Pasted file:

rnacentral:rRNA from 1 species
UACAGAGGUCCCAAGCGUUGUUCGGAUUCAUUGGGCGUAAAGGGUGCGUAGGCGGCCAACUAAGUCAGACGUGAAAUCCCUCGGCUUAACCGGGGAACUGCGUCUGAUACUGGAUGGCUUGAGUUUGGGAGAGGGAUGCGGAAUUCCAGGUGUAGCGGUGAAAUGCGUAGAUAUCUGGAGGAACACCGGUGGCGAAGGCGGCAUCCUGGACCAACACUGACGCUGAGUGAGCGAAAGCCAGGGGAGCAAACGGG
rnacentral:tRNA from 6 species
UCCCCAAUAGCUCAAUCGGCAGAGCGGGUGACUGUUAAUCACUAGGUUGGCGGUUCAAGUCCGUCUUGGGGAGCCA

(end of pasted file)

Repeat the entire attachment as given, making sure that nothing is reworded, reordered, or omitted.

rnacentral:rRNA from 1 species
UACAGAGGUCCCAAGCGUUGUUCGGAUUCAUUGGGCGUAAAGGGUGCGUAGGCGGCCAACUAAGUCAGACGUGAAAUCCCUCGGCUUAACCGGGGAACUGCGUCUGAUACUGGAUGGCUUGAGUUUGGGAGAGGGAUGCGGAAUUCCAGGUGUAGCGGUGAAAUGCGUAGAUAUCUGGAGGAACACCGGUGGCGAAGGCGGCAUCCUGGACCAACACUGACGCUGAGUGAGCGAAAGCCAGGGGAGCAAACGGG
rnacentral:tRNA from 6 species
UCCCCAAUAGCUCAAUCGGCAGAGCGGGUGACUGUUAAUCACUAGGUUGGCGGUUCAAGUCCGUCUUGGGGAGCCA